In minor league baseball, it is important not to get stuck in one town or on one team for an extended length of time. You want to keep moving up the ladder to reach the ultimate goal known as “The Show.”
The major leagues are the rare place only Shoreham-Wading River graduate Keith Osik has reached locally. But that doesn’t mean he’s the only one who’s tried.
Two aspiring area players, Southold High School graduate Dave Kubiak and Miller Place’s Kevin Mahoney received calls out of the blue earlier this season that sent them in different directions.
Less than 24 hours after blowing the lead and losing the game while surrendering his first home run, Kubiak learned he was getting promoted from the Gulf Coast Rays in the Gulf Coast League to the Princeton Rays in the Appalachian League in the Tampa Bay Rays organization.
Life sure can work in some unusual ways.
“I guess so,” Kubiak said. “I was real surprised. I wasn’t going to tell them no.”
Even though he was doing well with the Tampa Yankees in the Florida State hitting a solid .287 as an infielder, Mahoney was stunned to learn when he was heading toward a lower league through no fault of his own — to the Charleston RiverDogs in the South Atlantic League in the middle of June.
The Yankees had to make room for several players who were signed to higher bonuses.
“There just wasn’t any room for me to play there and I wasn’t going to play so I got sent down,” Mahoney said. “The big thing is to be patient. You’ve just go to wait for your opportunities that when you get them, you need to perform.”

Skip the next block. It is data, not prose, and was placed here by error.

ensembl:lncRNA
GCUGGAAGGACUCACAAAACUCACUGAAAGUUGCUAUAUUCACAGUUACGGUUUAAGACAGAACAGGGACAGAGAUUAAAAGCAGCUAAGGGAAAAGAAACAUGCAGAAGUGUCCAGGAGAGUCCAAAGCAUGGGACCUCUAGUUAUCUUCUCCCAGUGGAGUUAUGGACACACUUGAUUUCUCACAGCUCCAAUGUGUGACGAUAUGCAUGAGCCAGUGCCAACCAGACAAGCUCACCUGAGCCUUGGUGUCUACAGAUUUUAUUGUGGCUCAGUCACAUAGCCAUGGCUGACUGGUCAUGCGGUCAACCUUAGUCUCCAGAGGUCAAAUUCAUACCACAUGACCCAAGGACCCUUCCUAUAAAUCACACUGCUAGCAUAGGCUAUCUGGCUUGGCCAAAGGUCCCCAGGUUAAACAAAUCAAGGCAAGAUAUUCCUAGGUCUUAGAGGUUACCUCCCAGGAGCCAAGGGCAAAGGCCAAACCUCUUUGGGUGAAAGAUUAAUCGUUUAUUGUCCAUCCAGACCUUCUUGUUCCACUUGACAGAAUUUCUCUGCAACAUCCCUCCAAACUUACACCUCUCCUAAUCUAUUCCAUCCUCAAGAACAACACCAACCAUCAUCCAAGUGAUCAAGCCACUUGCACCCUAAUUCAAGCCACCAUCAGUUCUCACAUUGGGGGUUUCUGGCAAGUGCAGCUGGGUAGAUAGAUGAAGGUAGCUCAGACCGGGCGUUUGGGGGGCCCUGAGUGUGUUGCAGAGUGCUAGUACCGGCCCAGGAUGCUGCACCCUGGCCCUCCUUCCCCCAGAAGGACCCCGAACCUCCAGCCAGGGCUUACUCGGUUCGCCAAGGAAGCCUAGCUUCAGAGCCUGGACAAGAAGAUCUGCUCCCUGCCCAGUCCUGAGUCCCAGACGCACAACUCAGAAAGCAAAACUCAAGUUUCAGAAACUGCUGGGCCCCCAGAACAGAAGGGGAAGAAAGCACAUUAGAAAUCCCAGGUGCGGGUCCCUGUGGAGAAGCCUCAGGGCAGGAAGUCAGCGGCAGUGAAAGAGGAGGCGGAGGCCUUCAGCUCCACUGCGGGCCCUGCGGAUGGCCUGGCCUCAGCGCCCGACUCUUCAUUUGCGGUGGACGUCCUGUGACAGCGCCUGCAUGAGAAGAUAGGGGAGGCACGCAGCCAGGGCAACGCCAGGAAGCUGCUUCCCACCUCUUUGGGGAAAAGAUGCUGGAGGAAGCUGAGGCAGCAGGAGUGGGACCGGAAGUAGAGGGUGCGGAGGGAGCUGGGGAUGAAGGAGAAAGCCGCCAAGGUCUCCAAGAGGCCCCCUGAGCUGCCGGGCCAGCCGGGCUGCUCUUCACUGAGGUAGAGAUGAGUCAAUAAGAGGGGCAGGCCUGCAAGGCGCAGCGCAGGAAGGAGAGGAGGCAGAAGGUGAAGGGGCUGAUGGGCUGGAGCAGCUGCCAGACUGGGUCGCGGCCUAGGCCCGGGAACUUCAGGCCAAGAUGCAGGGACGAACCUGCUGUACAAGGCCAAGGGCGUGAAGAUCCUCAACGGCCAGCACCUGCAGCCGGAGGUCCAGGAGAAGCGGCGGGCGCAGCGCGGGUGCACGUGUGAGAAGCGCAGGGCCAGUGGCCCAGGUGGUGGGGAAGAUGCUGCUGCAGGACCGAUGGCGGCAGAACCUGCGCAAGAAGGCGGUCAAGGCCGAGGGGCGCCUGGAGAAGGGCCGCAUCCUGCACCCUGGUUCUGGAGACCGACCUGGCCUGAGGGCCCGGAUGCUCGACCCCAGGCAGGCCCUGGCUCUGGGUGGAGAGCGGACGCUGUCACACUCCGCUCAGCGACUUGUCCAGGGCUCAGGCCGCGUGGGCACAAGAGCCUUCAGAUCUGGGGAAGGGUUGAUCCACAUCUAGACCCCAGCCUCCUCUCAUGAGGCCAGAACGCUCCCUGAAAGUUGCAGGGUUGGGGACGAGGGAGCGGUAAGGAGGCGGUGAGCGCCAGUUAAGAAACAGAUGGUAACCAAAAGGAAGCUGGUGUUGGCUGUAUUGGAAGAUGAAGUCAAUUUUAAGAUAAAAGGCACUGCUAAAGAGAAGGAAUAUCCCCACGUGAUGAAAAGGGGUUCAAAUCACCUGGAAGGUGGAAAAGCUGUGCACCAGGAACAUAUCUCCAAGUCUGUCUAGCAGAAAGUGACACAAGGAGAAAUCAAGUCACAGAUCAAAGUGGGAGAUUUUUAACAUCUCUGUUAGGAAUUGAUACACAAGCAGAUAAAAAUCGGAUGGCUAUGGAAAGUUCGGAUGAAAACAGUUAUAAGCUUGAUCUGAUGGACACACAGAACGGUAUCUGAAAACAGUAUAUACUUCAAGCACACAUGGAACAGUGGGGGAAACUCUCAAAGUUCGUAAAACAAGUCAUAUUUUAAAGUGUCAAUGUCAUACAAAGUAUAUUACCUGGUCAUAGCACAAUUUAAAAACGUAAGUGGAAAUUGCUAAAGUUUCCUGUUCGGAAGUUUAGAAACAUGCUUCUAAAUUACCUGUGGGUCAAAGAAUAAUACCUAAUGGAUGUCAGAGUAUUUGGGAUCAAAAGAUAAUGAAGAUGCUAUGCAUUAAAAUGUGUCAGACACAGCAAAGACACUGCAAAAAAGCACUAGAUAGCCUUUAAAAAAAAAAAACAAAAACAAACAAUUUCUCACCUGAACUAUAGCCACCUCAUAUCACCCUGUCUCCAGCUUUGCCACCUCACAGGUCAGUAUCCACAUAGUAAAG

Through last weekend, the left-handed hitting infielder is hitting .277 with seven home runs and 40 RBI in 93 games.
“They cared enough about me to put me into an everyday playing role,” Mahoney said. “That’s always good that they care about me. They’re not going to let me sit on the bench and play and basically let me be a fill-in guy.”
Welcome to the minor leagues, where the pay is terrible, the travel is tough and the hours are unusual.
Yet, neither player would have it any other way.
Mahoney, 24, is in his third year in the minors, where moving around is common place. In 2009, he played for the Gulf Coast League Yankees. Last year, he performed for four clubs — the Staten Island Yankees (New York-Penn League), Charleston, Tampa and Trenton Thunder (Eastern League in AA ball).
“I love baseball,” he said in a recent interview. “It has been my life for my whole life. There’s days when you can’t wake up in the morning and when you do, you feel just so terrible, your muscles ache and you can barely roll out of bed. You’re saying, ‘I do not want to go play today’ and you realize I have to roll out of bed because I am playing. That’s what I’m doing — is playing a game.